10th Panzer Regiment & 10th Panzer Jager Regiment
A well attributed group to Panzer Unteroffizier Willi Guddat. enlisted in 1938 and served on several fronts.
He served in the 10th Panzer Regiment, 8th Panzer Division in Poland '39, France '40, Yugoslavia '41 and then Russia. He was severely wounded in action and served as a tank instructor at Bergan-Belsen while recuperating. 22.2.44 Panzer Replacement Abteilung 10 (Pz Ers Abt 10). Returning to the 10th Panzer Jager Regiment of the 10th Panzer Grenadier Division, he surrendered to the Russians with his unit in Czechoslovakia.
Escaping post war Russian captivity, Guddat eventually served in the Bundeswehr with the 10th Panzer Division at Sigmaringen.
Included are original photos in his Panzer wrap, award certificates in varied condition, his 1957 Bundeswehr ribbon bar set with miniature devices of his wartime awards. Wartime award documents include the War Merit Cross 2nd Class (20.10.41), Panzer Assault Badge in Silver (Russland 1.2.43), iron Cross 2nd Class (Russland 26.8.43), Black Wound Badge, and Eastern Front Medal (41-42), Drivers Badge in Bronze (1.4.43). Postwar records verify his service. The highlight to.me is a great handwritten letter dated in 1970 detailing his service with translation! The 1957 version full sized medals are originals but added to correspond with the awards in his records, the ribbon bar is original to the group.
The photos show the young officer in his black Panzer wrap uniform and included are two photos of his tanks; a Panzer 38(t) and a Panzer IV with a longer 7,5cm kwk l/43 or l/48. Possibly a Panzer IVG with extra armor. The reverse of the photo reads
Pzr Ers. Abt. 10 Groß Glienicke bei Berlin.
German Service in WWII but written in 1964
Army unit 1/PzRgt 10
$600.00 ON HOLD
1st Panzer Division, 10th Regiment
The 1st Panzer Division was formed on 15 October 1935 from the 3rd Cavalry Division, and was headquartered in Weimar. The panzer regiments were equipped with the light Panzer I and Panzer II, with the more powerful Panzer III arriving in late 1936. In 1938, the division participated in the Anschluss of Austria, the occupation of the Sudetenland, and the invasion of Czechoslovakia in 1939. In September 1939, the 1st Panzer Division took part in the invasion of Poland, reaching the outskirts of Warsaw after eight days. They returned to Germany in November 1939, after the Polish surrender.
In May 1940, the 1st Panzer Division was part of the invasion of France, Luxembourg and Belgium. It took part in the battles of Sedan and Dunkirk before swinging south to participate in the attack on the Weygand Line. It advanced towards the Swiss border and occupied Belfort before the surrender of France having suffered relatively low casualties.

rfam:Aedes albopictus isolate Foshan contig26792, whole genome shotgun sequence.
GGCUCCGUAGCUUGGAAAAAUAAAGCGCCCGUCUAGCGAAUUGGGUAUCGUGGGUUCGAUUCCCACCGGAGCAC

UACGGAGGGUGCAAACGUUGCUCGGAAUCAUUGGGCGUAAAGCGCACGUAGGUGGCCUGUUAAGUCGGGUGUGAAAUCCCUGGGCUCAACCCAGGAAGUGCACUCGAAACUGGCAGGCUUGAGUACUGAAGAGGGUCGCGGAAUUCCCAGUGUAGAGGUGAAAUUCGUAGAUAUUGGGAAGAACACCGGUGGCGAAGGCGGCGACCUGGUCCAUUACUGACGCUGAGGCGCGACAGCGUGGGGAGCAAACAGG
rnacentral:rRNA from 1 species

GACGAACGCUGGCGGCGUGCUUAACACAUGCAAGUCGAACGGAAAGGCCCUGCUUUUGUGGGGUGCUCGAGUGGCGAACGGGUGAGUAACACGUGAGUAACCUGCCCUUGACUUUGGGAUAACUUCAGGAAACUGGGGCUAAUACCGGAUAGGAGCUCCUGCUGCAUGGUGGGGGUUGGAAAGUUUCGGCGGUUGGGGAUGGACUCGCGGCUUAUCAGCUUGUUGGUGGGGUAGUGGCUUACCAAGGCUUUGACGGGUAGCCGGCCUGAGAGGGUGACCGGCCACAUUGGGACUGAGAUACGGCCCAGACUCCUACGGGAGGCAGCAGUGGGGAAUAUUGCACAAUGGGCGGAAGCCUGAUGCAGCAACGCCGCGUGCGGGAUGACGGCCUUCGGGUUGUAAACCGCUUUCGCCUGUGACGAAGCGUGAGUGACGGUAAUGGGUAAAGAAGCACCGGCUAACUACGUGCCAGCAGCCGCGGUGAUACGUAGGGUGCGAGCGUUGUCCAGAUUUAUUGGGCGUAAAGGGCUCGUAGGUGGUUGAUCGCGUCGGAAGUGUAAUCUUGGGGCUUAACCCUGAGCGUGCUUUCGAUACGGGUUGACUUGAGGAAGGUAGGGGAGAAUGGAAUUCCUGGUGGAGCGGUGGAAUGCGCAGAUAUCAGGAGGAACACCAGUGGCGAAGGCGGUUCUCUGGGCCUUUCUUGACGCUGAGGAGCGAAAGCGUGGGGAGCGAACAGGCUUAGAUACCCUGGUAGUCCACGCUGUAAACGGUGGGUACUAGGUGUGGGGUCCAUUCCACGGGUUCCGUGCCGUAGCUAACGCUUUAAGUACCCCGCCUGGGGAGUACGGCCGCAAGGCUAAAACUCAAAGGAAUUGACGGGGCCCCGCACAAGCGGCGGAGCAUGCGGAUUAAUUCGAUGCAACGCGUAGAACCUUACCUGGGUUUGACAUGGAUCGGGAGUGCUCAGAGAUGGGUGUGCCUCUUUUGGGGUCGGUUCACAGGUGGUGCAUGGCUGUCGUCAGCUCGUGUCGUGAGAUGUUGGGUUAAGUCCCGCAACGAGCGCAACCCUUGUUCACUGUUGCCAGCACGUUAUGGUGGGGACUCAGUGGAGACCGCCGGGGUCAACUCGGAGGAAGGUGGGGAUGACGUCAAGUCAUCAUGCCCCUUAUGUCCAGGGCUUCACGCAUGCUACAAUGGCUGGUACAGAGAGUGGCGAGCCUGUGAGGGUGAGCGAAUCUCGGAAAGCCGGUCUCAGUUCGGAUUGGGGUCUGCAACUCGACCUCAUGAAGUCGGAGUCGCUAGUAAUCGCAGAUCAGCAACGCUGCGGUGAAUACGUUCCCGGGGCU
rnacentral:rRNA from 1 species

The 1st Panzer Division remained in France until September 1940, when it was moved to East Prussia. It supplied a substantial number of units to the new 16th and 18th Panzer Divisions. From 22 June 1941, it took part of Operation Barbarossa, crossing the former German-Lithuanian frontier as part of the Army Group North and the 4th Panzer Group. The division was involved in heavy fighting and, by mid-August, had only 44, of the 155 tanks it had started out with less than two month earlier, left in serviceable condition. It continued to advance towards Leningrad until early October when it was transferred to the Army Group Centre to take part in the advance on Moscow. The division advanced within 32 kilometres (20 mi) on Moscow before being forced to retreat during the Soviet counterattack.
The division was part of the defense of the Rzhev Salient during early 1942, initially being very short on tanks and fighting predominantly as infantry until being resupplied during Spring. The 1st Panzer Division was engaged in the defence of the supply lines of the 9th Army in the centre of the Eastern Front. It suffered heavy casualties during the defence against repeated Soviet attacks in the Winter of 1942–43 before eventually being transferred back to France in January 1943 for refitting. After months in northern France, the division was sent to occupied Greece in June 1943 because of the perceived threat of an Allied landing there. Instead, the landing took place in Sicily and the division participated in the disarming of Italian forces in Greece when the former defected from the Axis in September 1943. The 1st Panzer Division was brought up to full strength again in October when it received a substantial number of Panther and Tiger I tanks and returned to the Eastern Front again shortly thereafter.
The 1st Panzer Division was engaged in the southern sector of the Eastern Front to serve alternately within the 1st and 4th Panzer Army as an emergency force. It was constantly thrown from crisis location to crisis location as the German front lines retreated, taking part in battles at Kiev, Zhitomir and Cherkassy. The latter battle saw the division attempting to break through to the cauldron but falling just short. By March 1944, the division had been reduced to just over 25 percent of its nominal strength. Retreating further westwards, the division was part of the Kamenets-Podolsky pocket and, from there, took part in the defence of eastern Poland and Hungary. It was engaged in defensive operations around Lake Balaton and took part in the unsuccessful attempt to break through to the Siege of Budapest and once more suffered heavy losses.
The final month of the Second World War saw the division engaged in the defense of Styria. From there, it retreated westwards to surrender to US forces rather than Soviet ones, successfully crossing the demarcation line between the two. It surrendered on 8 May 1945 in southern Bavaria and most of its soldiers were released from captivity soon after.